R Singh, S Varshney, S Bist, N Gupta
denture, esophagus, iatrogenic, perforation
R Singh, S Varshney, S Bist, N Gupta. An Iatrogenic esophageal perforation with dentures: How Does It Happen?. The Internet Journal of Head and Neck Surgery. 2007 Volume 2 Number 2.
We present a rare case of esophageal perforation in an attempt of removing an ingested denture with a flexible esophagoscope by a general practitioner. The Computerized Tomography (CT) scan of neck and thorax confirmed the diagnosis and denture was successfully removed through rigid esophagoscopy and perforation was surgically repaired by thoracotomy approach. The presentation of this case could be a revelation for the general practitioners. The various aspects of denture as an esophageal foreign body and the esophageal perforation have been discussed.
Dentures are one of the most notorious foreign bodies of its own kind. They contain serrated edge and metal wire that can easily damage the strongest mucosal layer of esophagus causing esophageal perforation [1,2]. Thus, it is mandatory to keep the sharp and metallic end of the denture away from the esophageal mucosa. It can be done by placing it inside the lumen of wider rigid esophagoscope before its withdrawal. Such maneuver cannot be done by using flexible esophagoscope. Hence, all precaution should be taken during dental removal otherwise; it may result in catastrophic esophageal perforation [2,3,4]. The esophageal perforation always possess high rate of mortality due to its relation with vitals structure of thorax. Boerhaave correctly stated it: “When it occurs it can be recognized but it cannot be remedied by the medical profession” .
A 57-years old otherwise healthy female was referred to us for the management of an iatrogenic esophageal perforation and a denture inside the esophagus. She accidentally ingested her denture 12 days back. However, the patient was virtually comfortable with esophageal foreign body except mild pain during swallowing. In due course, the pain gradually increased in its intensity and compelled the female to get medical attention after 12 days of ingestion. She consulted with a general surgeon who was practicing gastro-intestinal endoscopy in a private clinic. Perhaps, the practitioner diagnosed this case as an uncomplicated foreign body in esophagus based on plain X-ray of neck and chest. Hence, she was advised removal of the ingested denture under general anesthesia. During the procedure, the surgeon used a “flexible esophagoscope” and he noticed an impacted denture at the lower end of esophagus. He began to drag the denture out from the esophagus. At the same time, he noticed bleeding while he was in the mid way with the denture in mid esophagus. He wisely left away the procedure and called a qualified ENT practitioner for assistance. When the ENT surgeon was performing rigid esophagoscopy, he noticed surgical emphysema in the neck. Both the surgeons decided to stop the maneuver and refer the patient to us for further management.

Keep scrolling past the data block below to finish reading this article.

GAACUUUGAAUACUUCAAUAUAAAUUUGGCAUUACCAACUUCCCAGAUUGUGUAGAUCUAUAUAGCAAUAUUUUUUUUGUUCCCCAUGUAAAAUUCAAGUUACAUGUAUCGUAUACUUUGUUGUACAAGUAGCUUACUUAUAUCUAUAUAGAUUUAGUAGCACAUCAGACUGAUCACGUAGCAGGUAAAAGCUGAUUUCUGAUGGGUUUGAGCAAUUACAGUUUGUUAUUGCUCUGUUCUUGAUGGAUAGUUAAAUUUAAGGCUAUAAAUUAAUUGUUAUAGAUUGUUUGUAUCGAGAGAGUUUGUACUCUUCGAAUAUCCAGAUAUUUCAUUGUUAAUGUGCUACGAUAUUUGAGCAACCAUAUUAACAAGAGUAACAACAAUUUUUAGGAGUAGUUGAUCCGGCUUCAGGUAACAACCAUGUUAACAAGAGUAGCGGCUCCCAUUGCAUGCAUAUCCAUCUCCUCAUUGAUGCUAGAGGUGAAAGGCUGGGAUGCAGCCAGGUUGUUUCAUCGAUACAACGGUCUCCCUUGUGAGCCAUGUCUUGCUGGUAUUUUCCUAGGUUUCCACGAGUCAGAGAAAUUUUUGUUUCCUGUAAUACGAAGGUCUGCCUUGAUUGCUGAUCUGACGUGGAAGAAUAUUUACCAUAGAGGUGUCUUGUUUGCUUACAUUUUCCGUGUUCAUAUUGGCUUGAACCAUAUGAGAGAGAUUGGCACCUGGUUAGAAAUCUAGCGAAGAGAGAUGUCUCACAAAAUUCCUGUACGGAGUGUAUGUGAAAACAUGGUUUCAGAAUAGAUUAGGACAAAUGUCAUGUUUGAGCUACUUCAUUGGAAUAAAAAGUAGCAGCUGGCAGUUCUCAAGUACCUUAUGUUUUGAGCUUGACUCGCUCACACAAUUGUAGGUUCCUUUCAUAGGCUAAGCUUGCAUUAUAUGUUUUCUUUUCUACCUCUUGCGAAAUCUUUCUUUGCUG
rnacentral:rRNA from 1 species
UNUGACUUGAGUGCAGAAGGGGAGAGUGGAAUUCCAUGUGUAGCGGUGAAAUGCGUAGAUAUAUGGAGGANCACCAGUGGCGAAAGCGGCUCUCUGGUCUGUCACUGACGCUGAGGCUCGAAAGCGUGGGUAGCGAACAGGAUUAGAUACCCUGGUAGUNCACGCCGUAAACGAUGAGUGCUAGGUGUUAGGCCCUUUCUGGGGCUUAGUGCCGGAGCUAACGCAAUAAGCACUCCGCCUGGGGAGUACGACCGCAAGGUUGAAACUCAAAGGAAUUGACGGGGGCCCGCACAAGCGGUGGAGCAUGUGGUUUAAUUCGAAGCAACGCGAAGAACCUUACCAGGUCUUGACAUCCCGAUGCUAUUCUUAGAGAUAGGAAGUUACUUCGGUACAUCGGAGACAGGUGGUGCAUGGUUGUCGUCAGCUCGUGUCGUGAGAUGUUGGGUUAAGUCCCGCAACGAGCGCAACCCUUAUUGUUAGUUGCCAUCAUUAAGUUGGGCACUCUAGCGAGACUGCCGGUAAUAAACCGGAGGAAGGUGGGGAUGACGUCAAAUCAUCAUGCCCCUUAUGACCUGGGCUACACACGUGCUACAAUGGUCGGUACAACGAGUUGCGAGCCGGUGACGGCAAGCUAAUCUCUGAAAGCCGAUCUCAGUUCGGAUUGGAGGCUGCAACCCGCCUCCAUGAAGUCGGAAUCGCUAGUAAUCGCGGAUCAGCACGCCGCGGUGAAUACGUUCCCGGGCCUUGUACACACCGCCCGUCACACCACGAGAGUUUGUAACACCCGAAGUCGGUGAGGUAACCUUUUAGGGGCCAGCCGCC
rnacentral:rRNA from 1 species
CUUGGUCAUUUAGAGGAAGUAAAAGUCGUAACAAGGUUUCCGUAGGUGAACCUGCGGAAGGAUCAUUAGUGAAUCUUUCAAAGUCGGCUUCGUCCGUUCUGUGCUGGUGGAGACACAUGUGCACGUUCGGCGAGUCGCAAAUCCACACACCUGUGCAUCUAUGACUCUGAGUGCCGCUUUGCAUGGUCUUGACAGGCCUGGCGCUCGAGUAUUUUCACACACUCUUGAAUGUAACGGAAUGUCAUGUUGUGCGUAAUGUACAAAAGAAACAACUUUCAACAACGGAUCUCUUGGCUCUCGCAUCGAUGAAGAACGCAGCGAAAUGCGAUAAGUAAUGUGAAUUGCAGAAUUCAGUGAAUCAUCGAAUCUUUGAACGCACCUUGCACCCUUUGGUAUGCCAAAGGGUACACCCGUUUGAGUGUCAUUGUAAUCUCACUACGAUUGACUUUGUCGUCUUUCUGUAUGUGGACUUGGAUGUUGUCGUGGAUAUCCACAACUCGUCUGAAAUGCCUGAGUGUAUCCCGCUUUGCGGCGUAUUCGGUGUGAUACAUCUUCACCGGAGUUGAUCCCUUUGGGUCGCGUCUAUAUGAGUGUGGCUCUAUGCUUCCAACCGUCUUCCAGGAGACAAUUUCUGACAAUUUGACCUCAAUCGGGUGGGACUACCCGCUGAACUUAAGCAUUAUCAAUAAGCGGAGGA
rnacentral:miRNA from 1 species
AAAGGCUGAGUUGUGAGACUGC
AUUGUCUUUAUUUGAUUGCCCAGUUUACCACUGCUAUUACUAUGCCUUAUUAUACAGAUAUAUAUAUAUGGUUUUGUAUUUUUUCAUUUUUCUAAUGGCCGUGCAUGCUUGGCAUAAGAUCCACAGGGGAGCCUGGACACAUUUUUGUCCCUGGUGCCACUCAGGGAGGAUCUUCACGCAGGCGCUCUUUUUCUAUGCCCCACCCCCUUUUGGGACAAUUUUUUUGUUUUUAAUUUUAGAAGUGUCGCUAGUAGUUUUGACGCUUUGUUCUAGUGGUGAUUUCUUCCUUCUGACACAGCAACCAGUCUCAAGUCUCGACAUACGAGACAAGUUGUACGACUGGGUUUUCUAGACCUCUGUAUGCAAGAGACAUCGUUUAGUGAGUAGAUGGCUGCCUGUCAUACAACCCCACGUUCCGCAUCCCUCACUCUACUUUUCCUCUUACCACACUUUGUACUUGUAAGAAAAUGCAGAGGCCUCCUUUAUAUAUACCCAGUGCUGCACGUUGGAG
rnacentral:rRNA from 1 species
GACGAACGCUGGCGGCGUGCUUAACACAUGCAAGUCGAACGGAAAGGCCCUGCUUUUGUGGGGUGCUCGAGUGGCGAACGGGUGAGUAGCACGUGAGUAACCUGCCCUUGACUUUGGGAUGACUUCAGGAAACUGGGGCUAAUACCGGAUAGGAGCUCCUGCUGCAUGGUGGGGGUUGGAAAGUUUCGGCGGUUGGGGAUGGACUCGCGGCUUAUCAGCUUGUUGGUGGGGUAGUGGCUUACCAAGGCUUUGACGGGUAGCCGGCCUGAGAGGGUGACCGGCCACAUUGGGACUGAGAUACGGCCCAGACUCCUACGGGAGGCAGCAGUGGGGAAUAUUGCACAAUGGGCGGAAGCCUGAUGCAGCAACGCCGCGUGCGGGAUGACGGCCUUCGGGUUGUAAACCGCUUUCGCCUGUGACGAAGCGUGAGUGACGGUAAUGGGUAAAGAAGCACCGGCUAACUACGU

On admission, the patient conscious, her temperature was 99.6 °F, pulse rate of 76 beats/min and arterial blood pressure of 140/90mm of mercury. Physical examination revealed the patient in moderate distress with mild shortness of breath. Her oral cavity examination revealed loss of right upper incisor. No abnormalities were noted on examination of the oropharynx. Neck examination revealed lateral tenderness and crepitus extending up to the upper chest and face. On pulmonary auscultation, sparse added sounds were heard over the right hemithorax. Cardiac auscultation revealed a regular rate and rhythm without murmurs. An abdominal examination was normal.
Keeping the esophageal perforation in mind, the patient was kept in observation with the advice of nil orally, broad-spectrum intravenous antibiotics, proper balance of fluid input and output charting and half an hourly vital sign recording. The CT scan of neck and thorax was advised that revealed air in the subcutaneous plan of neck, right sided hydropneumothrox, left sided pneumothrox and hydropneumomediastinum (Fig 1).